A Nationals player tests positive for coronavirus, four others in quarantine on eve of opener
The Nationals had no coronavirus cases throughout the past six weeks of spring training in West Palm Beach, Fla., according to Rizzo. The team learned of the positive test in the early hours of Wednesday morning. The infected player was tested Monday along with teammates, coaches and staff members at the club’s facility in Florida as part of MLB’s every-other-day testing model that started in July, when the sport first restarted amid the pandemic. Following Monday’s tests, a majority of those at spring training took a charter flight to Washington that night.
After learning of the positive result, Nationals players, coaches and staff have taken both PCR and rapid tests. Since Monday’s tests that led to the positive result, the team played its exhibition finale against the Houston Astros, took buses to their charter flight back to D.C., were off Tuesday and had Wednesday’s workout canceled. Rizzo, asked if he was concerned about subsequent positive tests stemming from the charter, repeated that the team was tested again Wednesday and will know more once they have their next round of results.
“First and foremost, we want to protect our players, their families and our staff members,” Rizzo said. “That’s always paramount in my mind, and then we’re going to put the best, most qualified group of players on the field to win a baseball game. The good thing about this year is it’s 162.
“And a little hiccup, a little bump in the road, and we’re going to handle this like we handle everything else.”
Rizzo did not specify whether the player who tested positive is symptomatic. According to MLB’s operations manual for 2021, a player who tests positive and is symptomatic has to isolate for at least 10 days following the first sign of symptoms. A person who tests positive and is asymptomatic has to isolate for at least 10 days following the initial positive PCR test. A person who was in close contact with an infected individual has to quarantine for at least seven days. To return to club facilities or travel with the team, that person has to test negative through a PCR test on day five or later; be asymptomatic; continue daily testing for 10 days following the potential exposure.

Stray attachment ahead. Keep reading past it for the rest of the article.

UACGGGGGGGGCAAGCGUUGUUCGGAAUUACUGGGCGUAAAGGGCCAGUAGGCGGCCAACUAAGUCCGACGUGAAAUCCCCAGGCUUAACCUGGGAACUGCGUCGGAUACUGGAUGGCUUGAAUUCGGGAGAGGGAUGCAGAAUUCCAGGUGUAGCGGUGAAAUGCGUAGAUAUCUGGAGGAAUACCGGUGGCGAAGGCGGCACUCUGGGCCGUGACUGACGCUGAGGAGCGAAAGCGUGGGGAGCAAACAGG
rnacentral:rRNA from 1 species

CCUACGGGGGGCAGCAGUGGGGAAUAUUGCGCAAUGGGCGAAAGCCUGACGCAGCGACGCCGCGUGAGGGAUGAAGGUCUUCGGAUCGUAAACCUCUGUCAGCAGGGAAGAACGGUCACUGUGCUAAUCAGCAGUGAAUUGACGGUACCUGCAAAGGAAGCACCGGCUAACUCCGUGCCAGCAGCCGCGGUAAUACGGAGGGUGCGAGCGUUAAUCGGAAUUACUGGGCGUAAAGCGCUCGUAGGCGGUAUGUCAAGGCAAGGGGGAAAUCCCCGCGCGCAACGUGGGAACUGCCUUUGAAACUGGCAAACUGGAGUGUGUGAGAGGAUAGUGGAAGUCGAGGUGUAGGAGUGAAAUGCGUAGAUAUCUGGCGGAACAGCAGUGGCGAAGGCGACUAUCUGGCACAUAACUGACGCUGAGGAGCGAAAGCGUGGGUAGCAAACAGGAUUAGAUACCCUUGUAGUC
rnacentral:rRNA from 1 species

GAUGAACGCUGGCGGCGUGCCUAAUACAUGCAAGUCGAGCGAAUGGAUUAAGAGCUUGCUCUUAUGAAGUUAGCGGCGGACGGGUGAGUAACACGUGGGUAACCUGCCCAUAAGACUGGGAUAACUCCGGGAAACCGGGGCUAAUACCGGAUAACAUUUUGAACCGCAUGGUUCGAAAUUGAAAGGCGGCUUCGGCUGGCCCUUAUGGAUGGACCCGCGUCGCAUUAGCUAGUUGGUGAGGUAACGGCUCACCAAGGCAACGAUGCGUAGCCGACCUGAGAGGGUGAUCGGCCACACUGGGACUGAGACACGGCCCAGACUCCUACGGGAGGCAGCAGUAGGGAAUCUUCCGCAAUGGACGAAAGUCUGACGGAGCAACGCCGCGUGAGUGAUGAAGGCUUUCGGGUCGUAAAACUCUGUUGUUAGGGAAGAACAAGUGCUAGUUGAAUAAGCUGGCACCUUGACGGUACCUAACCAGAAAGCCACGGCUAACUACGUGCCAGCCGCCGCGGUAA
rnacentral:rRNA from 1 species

Following Centers for Disease Control and Prevention guidelines, the operations manual states that close contact is “being within six feet of an infected person for a cumulative total of 15 minutes or more over a 24-hour period starting from two days before illness onset until the time the individual is isolated.”
Max Scherzer, who is scheduled to face the Mets on Thursday, said he was not on the charter flight because he traveled north with his family. The four players in quarantine, however, will not be available to play Thursday night or in the immediate future. The Nationals will call on a small handful of players from their alternate site in Fredericksburg, Va. Those players flew north with the team before leaving Washington.
“This is the reason you have 60 good players in the organization, to kind of prepare for these type of fail-safe scenarios,” Rizzo said. “No matter how many people we have to protect and put into covid protocol, we’re going to reach down and grab some really good players to help us beat a really good New York Mets team tomorrow night.”
This marks the Nationals’ second straight Opening Day that will be clouded by a positive test. In July, just hours before first pitch against the New York Yankees, Rizzo announced that star outfielder Juan Soto tested positive and would miss the beginning of the season (Soto later insisted it was a false positive). Soto was sidelined for eight games and returned in early August.
Scherzer took the mound when the Nationals were last surrounded by such uncertainty.
“We had seen so few positive cases across spring training as a whole,” Scherzer said Wednesday. “It just shows you how quickly that can turn. It can turn on a dime. We have to face it, and we have to overcome it.”